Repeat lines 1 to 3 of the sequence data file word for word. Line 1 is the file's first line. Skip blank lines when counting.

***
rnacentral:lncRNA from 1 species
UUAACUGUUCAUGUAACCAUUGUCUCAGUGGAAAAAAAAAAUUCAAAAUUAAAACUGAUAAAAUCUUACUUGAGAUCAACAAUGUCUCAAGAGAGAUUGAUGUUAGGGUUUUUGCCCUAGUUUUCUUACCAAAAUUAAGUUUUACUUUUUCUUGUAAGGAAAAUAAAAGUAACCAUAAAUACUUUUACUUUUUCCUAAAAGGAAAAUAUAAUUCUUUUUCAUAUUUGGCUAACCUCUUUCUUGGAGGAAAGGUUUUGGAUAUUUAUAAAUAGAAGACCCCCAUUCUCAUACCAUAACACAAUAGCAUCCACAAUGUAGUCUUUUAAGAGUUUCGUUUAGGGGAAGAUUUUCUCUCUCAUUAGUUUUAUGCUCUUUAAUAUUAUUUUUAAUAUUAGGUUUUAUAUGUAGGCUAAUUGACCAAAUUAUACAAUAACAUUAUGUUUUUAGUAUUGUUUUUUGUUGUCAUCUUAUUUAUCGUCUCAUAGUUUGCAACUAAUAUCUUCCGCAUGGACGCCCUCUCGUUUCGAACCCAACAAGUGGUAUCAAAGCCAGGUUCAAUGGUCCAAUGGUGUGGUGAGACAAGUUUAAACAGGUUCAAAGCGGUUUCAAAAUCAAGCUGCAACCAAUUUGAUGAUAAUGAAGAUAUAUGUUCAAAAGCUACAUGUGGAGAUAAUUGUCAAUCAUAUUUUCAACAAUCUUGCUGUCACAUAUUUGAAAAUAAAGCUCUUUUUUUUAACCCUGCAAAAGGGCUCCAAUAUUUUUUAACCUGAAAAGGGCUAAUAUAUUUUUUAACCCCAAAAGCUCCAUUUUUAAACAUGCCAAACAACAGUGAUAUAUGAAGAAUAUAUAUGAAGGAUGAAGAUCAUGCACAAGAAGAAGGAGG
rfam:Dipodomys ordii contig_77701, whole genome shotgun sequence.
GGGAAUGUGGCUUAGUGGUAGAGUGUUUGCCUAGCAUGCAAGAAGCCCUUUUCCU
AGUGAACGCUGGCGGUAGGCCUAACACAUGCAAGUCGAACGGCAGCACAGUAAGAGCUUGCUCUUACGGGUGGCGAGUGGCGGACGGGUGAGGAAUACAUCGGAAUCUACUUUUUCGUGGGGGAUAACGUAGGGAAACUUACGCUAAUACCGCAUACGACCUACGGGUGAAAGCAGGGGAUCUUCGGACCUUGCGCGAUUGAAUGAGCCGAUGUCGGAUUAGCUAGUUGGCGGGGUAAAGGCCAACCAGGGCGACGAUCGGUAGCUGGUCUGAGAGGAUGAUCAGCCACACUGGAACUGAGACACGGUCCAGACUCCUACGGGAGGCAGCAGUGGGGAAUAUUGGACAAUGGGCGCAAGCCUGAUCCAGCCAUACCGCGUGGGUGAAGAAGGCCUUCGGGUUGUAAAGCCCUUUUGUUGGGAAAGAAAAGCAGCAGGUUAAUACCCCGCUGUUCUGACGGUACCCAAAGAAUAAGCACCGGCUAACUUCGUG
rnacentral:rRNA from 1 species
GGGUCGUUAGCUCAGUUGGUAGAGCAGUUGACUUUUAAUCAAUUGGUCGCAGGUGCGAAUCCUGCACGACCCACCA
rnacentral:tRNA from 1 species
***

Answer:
rnacentral:lncRNA from 1 species
UUAACUGUUCAUGUAACCAUUGUCUCAGUGGAAAAAAAAAAUUCAAAAUUAAAACUGAUAAAAUCUUACUUGAGAUCAACAAUGUCUCAAGAGAGAUUGAUGUUAGGGUUUUUGCCCUAGUUUUCUUACCAAAAUUAAGUUUUACUUUUUCUUGUAAGGAAAAUAAAAGUAACCAUAAAUACUUUUACUUUUUCCUAAAAGGAAAAUAUAAUUCUUUUUCAUAUUUGGCUAACCUCUUUCUUGGAGGAAAGGUUUUGGAUAUUUAUAAAUAGAAGACCCCCAUUCUCAUACCAUAACACAAUAGCAUCCACAAUGUAGUCUUUUAAGAGUUUCGUUUAGGGGAAGAUUUUCUCUCUCAUUAGUUUUAUGCUCUUUAAUAUUAUUUUUAAUAUUAGGUUUUAUAUGUAGGCUAAUUGACCAAAUUAUACAAUAACAUUAUGUUUUUAGUAUUGUUUUUUGUUGUCAUCUUAUUUAUCGUCUCAUAGUUUGCAACUAAUAUCUUCCGCAUGGACGCCCUCUCGUUUCGAACCCAACAAGUGGUAUCAAAGCCAGGUUCAAUGGUCCAAUGGUGUGGUGAGACAAGUUUAAACAGGUUCAAAGCGGUUUCAAAAUCAAGCUGCAACCAAUUUGAUGAUAAUGAAGAUAUAUGUUCAAAAGCUACAUGUGGAGAUAAUUGUCAAUCAUAUUUUCAACAAUCUUGCUGUCACAUAUUUGAAAAUAAAGCUCUUUUUUUUAACCCUGCAAAAGGGCUCCAAUAUUUUUUAACCUGAAAAGGGCUAAUAUAUUUUUUAACCCCAAAAGCUCCAUUUUUAAACAUGCCAAACAACAGUGAUAUAUGAAGAAUAUAUAUGAAGGAUGAAGAUCAUGCACAAGAAGAAGGAGG
rfam:Dipodomys ordii contig_77701, whole genome shotgun sequence.